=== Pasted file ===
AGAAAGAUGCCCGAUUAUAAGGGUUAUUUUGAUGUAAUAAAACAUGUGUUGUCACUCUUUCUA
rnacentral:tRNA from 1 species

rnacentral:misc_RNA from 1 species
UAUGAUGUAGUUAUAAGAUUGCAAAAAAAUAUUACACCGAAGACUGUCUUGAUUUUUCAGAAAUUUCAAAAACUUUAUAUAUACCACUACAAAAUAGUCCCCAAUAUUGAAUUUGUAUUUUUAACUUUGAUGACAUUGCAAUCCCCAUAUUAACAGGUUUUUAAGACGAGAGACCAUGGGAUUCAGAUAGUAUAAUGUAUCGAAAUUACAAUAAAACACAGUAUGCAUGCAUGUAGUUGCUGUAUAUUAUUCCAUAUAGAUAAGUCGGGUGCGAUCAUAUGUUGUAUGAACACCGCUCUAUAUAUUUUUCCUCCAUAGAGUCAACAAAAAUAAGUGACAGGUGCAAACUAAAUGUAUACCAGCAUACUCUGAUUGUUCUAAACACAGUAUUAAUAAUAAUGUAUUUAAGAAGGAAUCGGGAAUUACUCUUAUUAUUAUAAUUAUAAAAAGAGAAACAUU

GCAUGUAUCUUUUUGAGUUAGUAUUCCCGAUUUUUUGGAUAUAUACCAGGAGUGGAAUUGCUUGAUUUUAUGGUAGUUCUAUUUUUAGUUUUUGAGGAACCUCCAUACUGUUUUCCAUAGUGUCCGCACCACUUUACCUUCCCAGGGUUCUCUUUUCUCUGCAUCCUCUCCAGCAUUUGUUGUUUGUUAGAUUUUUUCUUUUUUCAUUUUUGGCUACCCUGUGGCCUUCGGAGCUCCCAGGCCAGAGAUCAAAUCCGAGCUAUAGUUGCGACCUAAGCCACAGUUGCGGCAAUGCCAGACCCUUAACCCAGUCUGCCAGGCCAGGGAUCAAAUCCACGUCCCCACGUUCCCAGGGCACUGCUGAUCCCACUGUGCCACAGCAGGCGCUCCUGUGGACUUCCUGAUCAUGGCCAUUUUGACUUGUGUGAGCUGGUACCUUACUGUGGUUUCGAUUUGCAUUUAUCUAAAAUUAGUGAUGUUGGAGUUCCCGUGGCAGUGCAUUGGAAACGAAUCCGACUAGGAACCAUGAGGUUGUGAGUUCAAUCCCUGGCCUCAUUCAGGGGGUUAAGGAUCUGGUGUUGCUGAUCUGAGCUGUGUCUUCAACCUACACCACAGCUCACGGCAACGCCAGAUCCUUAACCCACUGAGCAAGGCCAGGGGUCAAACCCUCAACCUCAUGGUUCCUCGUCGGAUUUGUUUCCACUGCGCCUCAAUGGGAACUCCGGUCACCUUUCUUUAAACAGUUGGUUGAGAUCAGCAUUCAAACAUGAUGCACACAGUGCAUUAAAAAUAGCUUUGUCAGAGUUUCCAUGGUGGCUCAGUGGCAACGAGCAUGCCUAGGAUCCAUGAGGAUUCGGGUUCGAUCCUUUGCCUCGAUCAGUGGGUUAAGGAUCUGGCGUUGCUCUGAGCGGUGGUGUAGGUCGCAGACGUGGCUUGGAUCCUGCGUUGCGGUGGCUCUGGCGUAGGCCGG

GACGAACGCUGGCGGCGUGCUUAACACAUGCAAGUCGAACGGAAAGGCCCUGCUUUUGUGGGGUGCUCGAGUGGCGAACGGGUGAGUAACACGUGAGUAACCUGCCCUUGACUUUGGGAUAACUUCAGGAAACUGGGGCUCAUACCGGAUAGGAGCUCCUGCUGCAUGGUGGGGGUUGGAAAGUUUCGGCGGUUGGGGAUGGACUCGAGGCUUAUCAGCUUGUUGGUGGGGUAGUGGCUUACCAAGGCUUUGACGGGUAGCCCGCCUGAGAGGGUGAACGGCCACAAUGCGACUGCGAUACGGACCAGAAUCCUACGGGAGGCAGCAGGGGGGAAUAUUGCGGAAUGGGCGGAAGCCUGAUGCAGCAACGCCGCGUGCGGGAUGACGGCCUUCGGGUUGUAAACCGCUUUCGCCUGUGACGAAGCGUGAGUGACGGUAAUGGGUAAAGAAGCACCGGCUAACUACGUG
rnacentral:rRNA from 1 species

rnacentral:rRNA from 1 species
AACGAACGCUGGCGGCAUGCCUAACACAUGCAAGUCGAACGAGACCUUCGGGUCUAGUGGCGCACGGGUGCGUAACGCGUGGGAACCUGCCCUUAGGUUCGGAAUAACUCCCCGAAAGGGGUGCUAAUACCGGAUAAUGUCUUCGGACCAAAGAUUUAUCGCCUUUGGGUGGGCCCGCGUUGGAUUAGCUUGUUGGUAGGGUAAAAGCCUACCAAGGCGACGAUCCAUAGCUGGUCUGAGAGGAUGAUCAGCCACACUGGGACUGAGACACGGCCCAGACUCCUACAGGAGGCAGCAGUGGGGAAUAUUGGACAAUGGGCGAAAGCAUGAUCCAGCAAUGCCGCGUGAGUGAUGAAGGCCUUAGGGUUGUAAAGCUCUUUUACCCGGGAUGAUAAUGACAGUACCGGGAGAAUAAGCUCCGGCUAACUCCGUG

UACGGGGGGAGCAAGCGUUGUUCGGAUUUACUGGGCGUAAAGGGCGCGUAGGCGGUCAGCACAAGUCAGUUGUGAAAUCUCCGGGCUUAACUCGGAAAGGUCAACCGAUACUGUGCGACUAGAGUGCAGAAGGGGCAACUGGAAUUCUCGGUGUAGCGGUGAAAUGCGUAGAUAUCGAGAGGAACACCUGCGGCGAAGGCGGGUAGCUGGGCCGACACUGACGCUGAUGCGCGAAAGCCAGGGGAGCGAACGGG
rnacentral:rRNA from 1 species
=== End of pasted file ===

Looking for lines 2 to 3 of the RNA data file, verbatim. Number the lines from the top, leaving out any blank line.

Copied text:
rnacentral:tRNA from 1 species

rnacentral:misc_RNA from 1 species